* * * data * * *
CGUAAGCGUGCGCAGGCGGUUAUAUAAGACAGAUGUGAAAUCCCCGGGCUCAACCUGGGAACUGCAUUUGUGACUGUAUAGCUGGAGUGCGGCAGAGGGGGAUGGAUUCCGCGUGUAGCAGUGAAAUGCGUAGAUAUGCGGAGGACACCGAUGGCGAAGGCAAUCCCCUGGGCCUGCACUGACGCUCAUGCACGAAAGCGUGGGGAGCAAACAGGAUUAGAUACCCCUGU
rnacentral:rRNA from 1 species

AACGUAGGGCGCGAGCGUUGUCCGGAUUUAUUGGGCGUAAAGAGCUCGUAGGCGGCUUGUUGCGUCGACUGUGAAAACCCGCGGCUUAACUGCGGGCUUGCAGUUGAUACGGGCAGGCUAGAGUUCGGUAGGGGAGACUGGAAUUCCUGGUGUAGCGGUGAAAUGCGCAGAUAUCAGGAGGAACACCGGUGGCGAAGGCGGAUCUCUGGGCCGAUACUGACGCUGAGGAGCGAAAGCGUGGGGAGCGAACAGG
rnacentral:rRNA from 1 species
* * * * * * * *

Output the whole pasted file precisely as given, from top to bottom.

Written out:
CGUAAGCGUGCGCAGGCGGUUAUAUAAGACAGAUGUGAAAUCCCCGGGCUCAACCUGGGAACUGCAUUUGUGACUGUAUAGCUGGAGUGCGGCAGAGGGGGAUGGAUUCCGCGUGUAGCAGUGAAAUGCGUAGAUAUGCGGAGGACACCGAUGGCGAAGGCAAUCCCCUGGGCCUGCACUGACGCUCAUGCACGAAAGCGUGGGGAGCAAACAGGAUUAGAUACCCCUGU
rnacentral:rRNA from 1 species

AACGUAGGGCGCGAGCGUUGUCCGGAUUUAUUGGGCGUAAAGAGCUCGUAGGCGGCUUGUUGCGUCGACUGUGAAAACCCGCGGCUUAACUGCGGGCUUGCAGUUGAUACGGGCAGGCUAGAGUUCGGUAGGGGAGACUGGAAUUCCUGGUGUAGCGGUGAAAUGCGCAGAUAUCAGGAGGAACACCGGUGGCGAAGGCGGAUCUCUGGGCCGAUACUGACGCUGAGGAGCGAAAGCGUGGGGAGCGAACAGG
rnacentral:rRNA from 1 species